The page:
a linear multiple of a column (or row) onto another column (or row) without
changing the determinant.
Proposition.
Given a matrix
A
, if
B
is a matrix obtained by adding a multiple
of a column (or row) of
A
to another column (or row) of
A
, then
det A
=
det B
.
Corollary.
Swapping two rows or columns of a matrix negates the determinant.
Proof. We do the column case only. Let A = (a
1
···a
i
···a
j
···a
n
). Then
det(a
1
···a
i
···a
j
···a
n
) = det(a
1
···a
i
+ a
j
···a
j
···a
n
)
= det(a
1
···a
i
+ a
j
···a
j
− (a
i
+ a
j
) ···a
n
)
= det(a
1
···a
i
+ a
j
··· − a
i
···a
n
)
= det(a
1
···a
j
··· − a
i
···a
n
)
= −det(a
1
···a
j
···a
i
···a
n
)
Alternatively, we can prove this from the definition directly, using the fact that
the sign of a transposition is −1 (and that the sign is multiplicative).
Proposition. det(AB) = det(A) det(B).
Proof.
First note that
P
σ
ε
(
σ
)
A
σ(1)ρ(1)
A
σ(2)ρ(2)
=
ε
(
ρ
)
det
(
A
), i.e. swapping
columns (or rows) an even/odd number of times gives a factor
±
1 respectively.
We can prove this by writing σ = µρ.
Now
det AB =
X
σ
ε(σ)(AB)
σ(1)1
(AB)
σ(2)2
···(AB)
σ(n)n
=
X
σ
ε(σ)
n
X
k
1
,k
2
,···,k
n
A
σ(1)k
1
B
k
1
1
···A
σ(n)k
n
B
k
n
n
=
X
k
1
,···,k
n
B
k
1
1
···B
k
n
n
X
σ
ε(σ)A
σ(1)k
1
A
σ(2)k
2
···A
σ(n)k
n
 {z }
S
Now consider the many different
S
’s. If in
S
, two of
k
1
and
k
n
are equal, then
S
is a determinant of a matrix with two columns the same, i.e.
S
= 0. So we only
have to consider the sum over distinct
k
i
s. Thus the
k
i
s are are a permutation
of 1, ···n, say k
i
= ρ(i). Then we can write
det AB =
X
ρ
B
ρ(1)1
···B
ρ(n)n
X
σ
ε(σ)A
σ(1)ρ(1)
···A
σ(n)ρ(n)
=
X
ρ
B
ρ(1)1
···B
ρ(n)n
(ε(ρ) det A)
= det A
X
ρ
ε(ρ)B
ρ(1)1
···B
ρ(n)n
= det A det B
Corollary. If A is orthogonal, det A = ±1.
Proof.
AA
T
= I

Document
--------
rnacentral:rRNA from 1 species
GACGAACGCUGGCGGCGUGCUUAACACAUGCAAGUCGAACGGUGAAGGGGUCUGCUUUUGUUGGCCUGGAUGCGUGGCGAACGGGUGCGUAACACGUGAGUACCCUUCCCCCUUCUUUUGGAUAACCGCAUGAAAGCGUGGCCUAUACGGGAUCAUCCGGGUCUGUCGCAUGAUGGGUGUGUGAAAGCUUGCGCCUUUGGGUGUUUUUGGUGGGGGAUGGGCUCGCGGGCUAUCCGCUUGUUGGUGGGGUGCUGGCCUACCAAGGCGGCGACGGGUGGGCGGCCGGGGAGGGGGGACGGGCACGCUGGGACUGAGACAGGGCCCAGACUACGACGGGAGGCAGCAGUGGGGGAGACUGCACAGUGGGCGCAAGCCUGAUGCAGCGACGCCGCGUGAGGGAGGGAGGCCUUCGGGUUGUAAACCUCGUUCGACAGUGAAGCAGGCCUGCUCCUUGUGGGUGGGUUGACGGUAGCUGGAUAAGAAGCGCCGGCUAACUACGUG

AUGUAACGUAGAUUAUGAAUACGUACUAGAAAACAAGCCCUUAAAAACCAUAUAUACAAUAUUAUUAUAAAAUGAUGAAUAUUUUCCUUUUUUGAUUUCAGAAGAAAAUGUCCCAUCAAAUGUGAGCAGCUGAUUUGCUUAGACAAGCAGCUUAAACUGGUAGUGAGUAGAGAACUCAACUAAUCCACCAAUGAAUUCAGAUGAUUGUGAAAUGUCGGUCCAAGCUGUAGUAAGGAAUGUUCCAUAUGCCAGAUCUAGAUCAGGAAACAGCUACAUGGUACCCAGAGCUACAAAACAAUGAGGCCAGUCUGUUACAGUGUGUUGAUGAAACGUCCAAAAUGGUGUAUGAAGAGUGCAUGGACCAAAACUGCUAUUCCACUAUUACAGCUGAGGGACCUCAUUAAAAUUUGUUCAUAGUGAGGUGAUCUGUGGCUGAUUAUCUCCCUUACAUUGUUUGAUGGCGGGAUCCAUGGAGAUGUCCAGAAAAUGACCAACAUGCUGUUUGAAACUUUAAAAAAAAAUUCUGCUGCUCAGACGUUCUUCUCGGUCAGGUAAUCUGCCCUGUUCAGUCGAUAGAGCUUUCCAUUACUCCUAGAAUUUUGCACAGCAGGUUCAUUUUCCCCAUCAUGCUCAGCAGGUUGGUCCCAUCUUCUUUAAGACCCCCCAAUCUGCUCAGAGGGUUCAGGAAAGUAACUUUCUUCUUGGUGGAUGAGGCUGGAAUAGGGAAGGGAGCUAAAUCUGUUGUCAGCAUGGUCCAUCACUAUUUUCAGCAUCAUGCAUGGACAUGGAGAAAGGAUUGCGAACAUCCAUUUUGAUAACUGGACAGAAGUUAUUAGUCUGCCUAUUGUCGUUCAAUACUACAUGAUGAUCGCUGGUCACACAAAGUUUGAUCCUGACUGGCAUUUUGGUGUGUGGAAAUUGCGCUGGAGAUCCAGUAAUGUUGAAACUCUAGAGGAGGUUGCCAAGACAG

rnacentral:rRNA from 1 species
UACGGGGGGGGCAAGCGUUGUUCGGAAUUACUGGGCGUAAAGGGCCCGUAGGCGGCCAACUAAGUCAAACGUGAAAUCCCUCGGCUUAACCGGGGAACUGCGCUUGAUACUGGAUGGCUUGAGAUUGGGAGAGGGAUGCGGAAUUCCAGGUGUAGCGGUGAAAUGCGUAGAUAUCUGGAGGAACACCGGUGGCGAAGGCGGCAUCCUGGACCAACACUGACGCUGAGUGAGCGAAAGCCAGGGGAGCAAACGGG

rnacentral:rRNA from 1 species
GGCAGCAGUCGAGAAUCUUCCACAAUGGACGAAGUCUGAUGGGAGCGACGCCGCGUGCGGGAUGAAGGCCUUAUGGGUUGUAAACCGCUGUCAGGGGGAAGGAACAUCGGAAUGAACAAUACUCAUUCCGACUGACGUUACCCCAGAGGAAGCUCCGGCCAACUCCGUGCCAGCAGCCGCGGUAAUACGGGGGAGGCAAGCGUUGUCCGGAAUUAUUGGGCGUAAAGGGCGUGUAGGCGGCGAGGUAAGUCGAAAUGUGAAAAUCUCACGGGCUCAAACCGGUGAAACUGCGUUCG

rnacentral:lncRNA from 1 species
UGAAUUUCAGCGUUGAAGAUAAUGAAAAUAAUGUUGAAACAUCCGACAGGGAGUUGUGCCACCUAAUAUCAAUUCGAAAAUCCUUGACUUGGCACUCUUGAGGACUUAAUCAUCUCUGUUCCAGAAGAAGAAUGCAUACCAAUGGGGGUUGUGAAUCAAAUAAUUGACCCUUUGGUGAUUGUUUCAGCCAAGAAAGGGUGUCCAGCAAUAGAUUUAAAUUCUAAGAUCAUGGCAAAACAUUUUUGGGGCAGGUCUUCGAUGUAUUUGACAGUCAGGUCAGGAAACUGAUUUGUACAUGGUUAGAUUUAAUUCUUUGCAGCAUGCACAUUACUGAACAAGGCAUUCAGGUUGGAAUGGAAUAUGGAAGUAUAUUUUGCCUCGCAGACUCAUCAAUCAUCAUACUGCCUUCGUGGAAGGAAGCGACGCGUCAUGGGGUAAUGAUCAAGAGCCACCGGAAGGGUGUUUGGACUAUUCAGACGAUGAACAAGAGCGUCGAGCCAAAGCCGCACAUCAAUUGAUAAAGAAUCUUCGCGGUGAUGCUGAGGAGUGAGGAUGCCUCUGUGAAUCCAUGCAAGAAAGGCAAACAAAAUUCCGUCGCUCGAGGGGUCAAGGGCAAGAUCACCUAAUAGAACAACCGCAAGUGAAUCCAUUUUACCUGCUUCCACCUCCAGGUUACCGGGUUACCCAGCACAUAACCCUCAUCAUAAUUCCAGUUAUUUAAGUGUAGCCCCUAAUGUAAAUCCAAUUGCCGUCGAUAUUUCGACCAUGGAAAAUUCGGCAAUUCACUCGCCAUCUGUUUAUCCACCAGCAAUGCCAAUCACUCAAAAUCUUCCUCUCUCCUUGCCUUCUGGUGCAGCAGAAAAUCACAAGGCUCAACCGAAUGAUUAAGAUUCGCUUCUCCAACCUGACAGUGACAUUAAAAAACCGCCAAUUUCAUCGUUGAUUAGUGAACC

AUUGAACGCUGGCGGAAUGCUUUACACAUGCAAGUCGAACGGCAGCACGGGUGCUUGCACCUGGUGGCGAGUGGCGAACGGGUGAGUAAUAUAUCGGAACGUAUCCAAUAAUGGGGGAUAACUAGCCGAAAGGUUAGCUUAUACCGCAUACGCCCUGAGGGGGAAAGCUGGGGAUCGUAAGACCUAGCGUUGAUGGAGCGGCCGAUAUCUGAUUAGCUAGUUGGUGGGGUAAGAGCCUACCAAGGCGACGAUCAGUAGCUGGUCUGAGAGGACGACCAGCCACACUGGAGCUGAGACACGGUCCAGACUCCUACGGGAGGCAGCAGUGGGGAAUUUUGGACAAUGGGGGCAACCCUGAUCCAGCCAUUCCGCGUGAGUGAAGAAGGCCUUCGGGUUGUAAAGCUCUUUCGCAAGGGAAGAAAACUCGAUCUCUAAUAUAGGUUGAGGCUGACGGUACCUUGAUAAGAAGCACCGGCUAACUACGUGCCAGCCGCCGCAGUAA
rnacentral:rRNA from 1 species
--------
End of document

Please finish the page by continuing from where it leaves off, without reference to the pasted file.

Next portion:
det AA
T
= det I
det A det A
T
= 1
(det A)
2
= 1
det A = ±1
Corollary. If U is unitary, det U  = 1.
Proof.
We have
det U
†
= (
det U
T
)
∗
=
det
(
U
)
∗
. Since
UU
†
=
I
, we have
det(U) det(U)
∗
= 1.
Proposition.
In
R
3
, orthogonal matrices represent either a rotation (
det
= 1)
or a reflection (det = −1).
3.5.3 Minors and Cofactors
Definition
(Minor and cofactor)
.
For an
n × n
matrix
A
, define
A
ij
to be the
(n − 1) × (n − 1) matrix in which row i and column j of A have been removed.
The minor of the ijth element of A is M
ij
= det A
ij
The cofactor of the ijth element of A is ∆
ij
= (−1)
i+j
M
ij
.
Notation.
We use
¯
to denote a symbol which has been missed out of a natural
sequence.
Example. 1, 2, 3, 5 = 1, 2, 3,
¯
4, 5.
The significance of these definitions is that we can use them to provide a
systematic way of evaluating determinants. We will also use them to find inverses
of matrices.
Theorem (Laplace expansion formula). For any particular fixed i,
det A =
n
X
j=1
A
ji
∆
ji
.
Proof.
det A =
n
X
j
i
=1
A
j
i
i
n
X
j
1
,···,j
i
,···j
n
ε
j
1
j
2
···j
n
A
j
1
1
A
j
2
2
···A
j
i
i
···A
j
n
n
Let
σ ∈ S
n
be the permutation which moves
j
i
to the
i
th position, and leave
everything else in its natural order, i.e.
σ =
1 ··· i i + 1 i + 2 ··· j
i
− 1 j
i
j
i
+ 1 ··· n
1 ··· j
i
i i + 1 ··· j
i
− 2 j
i
− 1 j
i
+ 1 ··· n
if
j
i
> i
, and similarly for other cases. To perform this permutation,
i − j
i

transpositions are made. So ε(σ) = (−1)
i−j
i
.
Now consider the permutation ρ ∈ S
n
ρ =
1 ··· ···
¯
j
i
··· n
j
1
···
¯
j
i
··· ··· j
n
The composition
ρσ
reorders (1
, ··· , n
) to (
j
1
, j
2
, ··· , j
n
). So
ε
(
ρσ
) =
ε
j
1
···j
n
=
ε(ρ)ε(σ) = (−1)
i−j
i
ε
j
1
···
¯
j
i
···j
n
. Hence the original equation becomes
det A =
n
X
j
i
=1
A
j
i
i
X
j
1
···
¯
j
i
···j
n
(−1)
i−j
i
ε
j
1
···
¯
j
i
···j
n
A
j
1
1
···A
j
i
i
···A
j
n
n
=
n
X
j
i
=1
A
j
i
i
(−1)
i−j
i
M
j
i
i
=
n
X
j
i
=1
A
j
i
i
∆
j
i
i
=
n
X
j=1
A
ji
∆
ji
Example. det A =
2 4 2
3 2 1
2 0 1
. We can pick the first row and have
det A = 2
2 1
0 1
− 4
3 1
2 1
+ 2
3 2
2 0
= 2(2 − 0) − 4(3 − 2) + 2(0 − 4)
= −8.
Alternatively, we can pick the second column and have
det A = −4
3 1
2 1
+ 2
2 2
2 1
− 0
2 2
3 1
= −4(3 − 2) + 2(2 − 4) − 0
= −8.
In practical terms, we use a combination of properties of determinants with
a sensible choice of i to evaluate det(A).
Example. Consider
1 a a
2
1 b b
2
1 c c
2
. Row 1  row 2 gives
0 a − b a
2
− b
2
1 b b
2
1 c c
2
= (a − b)
0 1 a + b
1 b b
2
1 c c
2
.
Do row 2  row 3. We obtain
(a − b)(b − c)
0 1 a + b
0 1 b + c
1 c c
2
.
Row 1  row 2 gives
(a − b)(b − c)(a − c)
0 0 1
0 1 b + c
1 c c
2
= (a − b)(b − c)(a − c).